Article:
LWVJoCo closely follows current events and issues at the local, state and national levels.
Supreme Court decision fails voters
The Supreme Court’s June 11 decision ruled against Ohio voters in the case Husted v A. Philips Randolph Institute — upholding the state’s practice of purging voters who missed voting in a single election, no matter the reason.
This is unacceptable. We cannot look the other way while thousands of eligible voters are kept from participating in our democracy. The League of Women Voters efforts to fight for the rights of every voter is more important now than ever before.
The Supreme Court got this one wrong. The right to vote is not “use it or lose it.” The public trust in the fairness of our election is badly shaken. This decision will fuel the fire of voter suppressors across the country who want to make sure their chosen candidates win reelection — no matter what the voters say.
The League argues that Ohio’s practice of purging voters for missing a single election no matter what the reason — serving our country, caring for a sick child, or working — violated the National Voter Registration Act and kept hundreds of thousands of eligible, registered voters from participating in the 2016 elections. We have to be ready to fight when other states take this decision as a green light to implement more aggressive voter purges for the coming 2018 elections and beyond.
Jen Miller, Executive Director of the League of Women Voters of Ohio said it best, “Not only did Ohio voters not find justice today, but the high court has opened up the opportunity for extreme voter purging in other states across the country. Today’s decision further limits the Voter Registration Act with an unreliable and unreasonable flag that carries a big impact.”
A democracy is strongest when every voice can be heard — when every eligible voter can cast their vote and have it counted. The League of Women Voters will continue to fight for voting rights, for equality at the ballot box and equal representation in government. Chris Carson, president LWV US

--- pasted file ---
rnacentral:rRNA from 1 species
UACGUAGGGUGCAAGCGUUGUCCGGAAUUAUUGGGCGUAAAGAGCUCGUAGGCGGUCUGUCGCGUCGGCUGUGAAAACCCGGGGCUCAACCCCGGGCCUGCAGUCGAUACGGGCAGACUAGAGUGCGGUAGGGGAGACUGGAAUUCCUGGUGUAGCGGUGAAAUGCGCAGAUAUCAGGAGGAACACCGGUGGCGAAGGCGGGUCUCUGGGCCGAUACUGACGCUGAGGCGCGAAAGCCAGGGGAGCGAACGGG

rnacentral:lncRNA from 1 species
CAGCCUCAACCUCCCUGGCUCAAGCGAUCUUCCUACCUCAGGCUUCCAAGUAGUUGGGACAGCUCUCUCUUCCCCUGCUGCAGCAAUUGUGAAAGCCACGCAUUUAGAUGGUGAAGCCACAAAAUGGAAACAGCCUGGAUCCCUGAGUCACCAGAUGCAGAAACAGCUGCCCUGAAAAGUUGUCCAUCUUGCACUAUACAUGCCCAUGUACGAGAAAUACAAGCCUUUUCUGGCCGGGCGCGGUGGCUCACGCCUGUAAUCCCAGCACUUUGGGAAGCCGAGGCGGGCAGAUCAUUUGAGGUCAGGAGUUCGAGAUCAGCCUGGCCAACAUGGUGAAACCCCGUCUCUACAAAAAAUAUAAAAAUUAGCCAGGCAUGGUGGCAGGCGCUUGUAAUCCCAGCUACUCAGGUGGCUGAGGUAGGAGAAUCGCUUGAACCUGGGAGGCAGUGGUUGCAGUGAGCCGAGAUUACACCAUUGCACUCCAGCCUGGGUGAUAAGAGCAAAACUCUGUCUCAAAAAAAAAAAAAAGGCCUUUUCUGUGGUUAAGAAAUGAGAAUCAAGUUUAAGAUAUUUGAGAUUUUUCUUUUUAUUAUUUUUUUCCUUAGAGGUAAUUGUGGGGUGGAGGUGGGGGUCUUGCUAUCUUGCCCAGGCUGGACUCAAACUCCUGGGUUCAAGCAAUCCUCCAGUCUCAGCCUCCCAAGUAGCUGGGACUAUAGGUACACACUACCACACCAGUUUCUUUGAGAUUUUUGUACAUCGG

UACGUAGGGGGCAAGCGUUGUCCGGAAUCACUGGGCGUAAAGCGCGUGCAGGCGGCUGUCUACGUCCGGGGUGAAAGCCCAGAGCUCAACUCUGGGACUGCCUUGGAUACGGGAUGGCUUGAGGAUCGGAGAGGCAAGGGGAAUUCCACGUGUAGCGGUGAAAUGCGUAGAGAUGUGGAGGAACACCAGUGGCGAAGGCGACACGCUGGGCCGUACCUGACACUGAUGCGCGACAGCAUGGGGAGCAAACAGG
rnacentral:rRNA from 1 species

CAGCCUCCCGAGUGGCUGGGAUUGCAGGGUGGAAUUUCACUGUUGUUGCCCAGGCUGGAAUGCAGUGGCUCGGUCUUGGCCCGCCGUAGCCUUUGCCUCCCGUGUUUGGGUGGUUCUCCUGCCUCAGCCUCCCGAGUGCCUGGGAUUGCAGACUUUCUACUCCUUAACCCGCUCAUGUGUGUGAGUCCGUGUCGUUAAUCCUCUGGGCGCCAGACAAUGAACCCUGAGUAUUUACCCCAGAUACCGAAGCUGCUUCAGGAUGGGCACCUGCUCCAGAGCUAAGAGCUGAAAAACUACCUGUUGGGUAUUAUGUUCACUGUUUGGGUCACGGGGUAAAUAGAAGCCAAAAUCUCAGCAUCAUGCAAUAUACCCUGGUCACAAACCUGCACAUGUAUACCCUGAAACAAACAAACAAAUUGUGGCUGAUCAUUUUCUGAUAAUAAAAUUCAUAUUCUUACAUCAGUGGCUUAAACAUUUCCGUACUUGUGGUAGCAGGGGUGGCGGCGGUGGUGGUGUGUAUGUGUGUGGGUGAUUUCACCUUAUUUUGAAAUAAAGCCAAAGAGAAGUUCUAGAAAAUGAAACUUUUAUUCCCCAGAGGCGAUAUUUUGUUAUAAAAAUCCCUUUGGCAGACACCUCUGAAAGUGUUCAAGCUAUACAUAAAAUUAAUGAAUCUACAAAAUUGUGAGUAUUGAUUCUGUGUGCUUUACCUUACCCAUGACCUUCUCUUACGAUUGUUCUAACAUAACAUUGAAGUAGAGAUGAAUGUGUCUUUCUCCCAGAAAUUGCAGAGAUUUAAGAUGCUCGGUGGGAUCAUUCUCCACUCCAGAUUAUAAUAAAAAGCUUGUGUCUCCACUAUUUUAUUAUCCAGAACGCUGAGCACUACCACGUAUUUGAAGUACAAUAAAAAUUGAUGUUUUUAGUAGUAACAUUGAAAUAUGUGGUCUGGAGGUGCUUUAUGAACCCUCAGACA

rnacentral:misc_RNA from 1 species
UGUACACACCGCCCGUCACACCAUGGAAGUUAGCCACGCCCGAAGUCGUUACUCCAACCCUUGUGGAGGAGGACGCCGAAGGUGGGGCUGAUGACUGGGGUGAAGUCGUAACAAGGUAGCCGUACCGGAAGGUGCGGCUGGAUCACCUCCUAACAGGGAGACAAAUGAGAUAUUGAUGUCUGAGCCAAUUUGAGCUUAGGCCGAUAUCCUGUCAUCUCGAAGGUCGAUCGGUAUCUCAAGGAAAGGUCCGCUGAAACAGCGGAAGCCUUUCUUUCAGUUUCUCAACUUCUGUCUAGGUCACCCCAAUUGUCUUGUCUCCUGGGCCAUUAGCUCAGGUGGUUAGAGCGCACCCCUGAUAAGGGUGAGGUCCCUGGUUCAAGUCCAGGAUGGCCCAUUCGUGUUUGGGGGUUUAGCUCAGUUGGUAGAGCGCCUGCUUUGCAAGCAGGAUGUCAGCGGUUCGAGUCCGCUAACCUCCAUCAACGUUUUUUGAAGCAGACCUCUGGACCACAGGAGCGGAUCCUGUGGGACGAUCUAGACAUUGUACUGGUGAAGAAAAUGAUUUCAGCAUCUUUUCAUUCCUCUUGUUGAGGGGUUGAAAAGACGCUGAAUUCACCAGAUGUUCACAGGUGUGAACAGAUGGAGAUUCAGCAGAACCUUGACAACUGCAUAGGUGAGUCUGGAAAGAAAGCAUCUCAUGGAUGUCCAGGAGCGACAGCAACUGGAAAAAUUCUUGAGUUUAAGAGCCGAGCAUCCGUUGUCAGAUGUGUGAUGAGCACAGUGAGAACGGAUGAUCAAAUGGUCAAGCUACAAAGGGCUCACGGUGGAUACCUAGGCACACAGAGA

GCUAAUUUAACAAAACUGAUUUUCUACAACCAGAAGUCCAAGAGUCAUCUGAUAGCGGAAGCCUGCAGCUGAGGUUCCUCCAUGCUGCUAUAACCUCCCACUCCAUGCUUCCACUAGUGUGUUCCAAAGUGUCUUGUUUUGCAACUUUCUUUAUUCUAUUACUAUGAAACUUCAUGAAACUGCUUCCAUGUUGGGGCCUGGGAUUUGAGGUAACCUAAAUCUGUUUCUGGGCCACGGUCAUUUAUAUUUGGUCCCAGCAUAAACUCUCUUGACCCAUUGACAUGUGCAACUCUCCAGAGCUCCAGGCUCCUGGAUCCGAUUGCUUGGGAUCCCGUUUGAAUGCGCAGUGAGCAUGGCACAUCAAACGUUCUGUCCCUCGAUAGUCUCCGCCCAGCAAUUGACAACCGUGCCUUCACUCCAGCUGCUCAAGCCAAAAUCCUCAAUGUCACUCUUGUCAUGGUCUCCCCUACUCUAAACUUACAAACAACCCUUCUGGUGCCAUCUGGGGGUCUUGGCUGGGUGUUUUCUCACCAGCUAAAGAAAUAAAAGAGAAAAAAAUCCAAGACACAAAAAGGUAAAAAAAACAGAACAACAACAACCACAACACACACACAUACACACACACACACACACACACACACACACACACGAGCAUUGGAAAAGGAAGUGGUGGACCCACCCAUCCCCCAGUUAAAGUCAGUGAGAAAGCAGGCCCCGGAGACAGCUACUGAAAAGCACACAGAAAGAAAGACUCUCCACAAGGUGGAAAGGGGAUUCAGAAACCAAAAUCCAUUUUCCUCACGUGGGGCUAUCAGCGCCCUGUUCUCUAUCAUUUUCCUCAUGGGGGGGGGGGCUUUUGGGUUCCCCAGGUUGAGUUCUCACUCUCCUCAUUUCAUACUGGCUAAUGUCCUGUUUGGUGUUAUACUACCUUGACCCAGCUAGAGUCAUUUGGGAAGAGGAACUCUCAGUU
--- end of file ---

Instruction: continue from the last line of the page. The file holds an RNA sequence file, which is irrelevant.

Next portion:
Take Action: Citizenship Question is Bad for the Census
U.S. Commerce Secretary Willbur Ross has chosen to include a question on the U.S. Census pertaining to citizenship. Including this question on the Census will discourage participation and impact the data collected in every community across the country.
This decision is bad for the census, bad for our communities and bad for America.
The Census occurs once every 10 years, so it is imperative to get the most accurate count. Every community relies on Census data — from apportioning our national representatives to making decision about public safety and neighborhood resources — this information impacts every aspect of our lives. A fair and accurate count lets our leaders and businesses make sound investment decisions that keep our communities thriving.
Including a citizenship question on the Census undermines the rights of eligible voters and threatens a process vital to our democracy. We will do everything in our power to correct this issue before it’s too late. Stand with the League as we fight back against this decision. Sign the petition.
KCUR (89.3 FM) Statehouse Blend is one-part profile and one-part insider look at the Kansas Legislature. Each week, host Sam Zeff welcomes a state representative or senator to the podcast to talk policy and politics, as well as their personal life. We also invite a citizen voice and journalist to round out the conversation over good coffee and donuts. You can hear part of the conversation every Tuesday on Up To Date at 11 a.m.
Civil rights: Kansas Advisory Committee to the U.S. Commission on Civil Rights issues report about voting rights and the SAFE Act. The report urges the Kansas legislature to reconsider voting requirements in the context of these findings.
LWVK State Council included a presentation, “Effect on Schools by State Education Funding” by Saline School Superintendent William Hall.
LWVUS suggests Ten Ways You Can Help Defend Our Democracy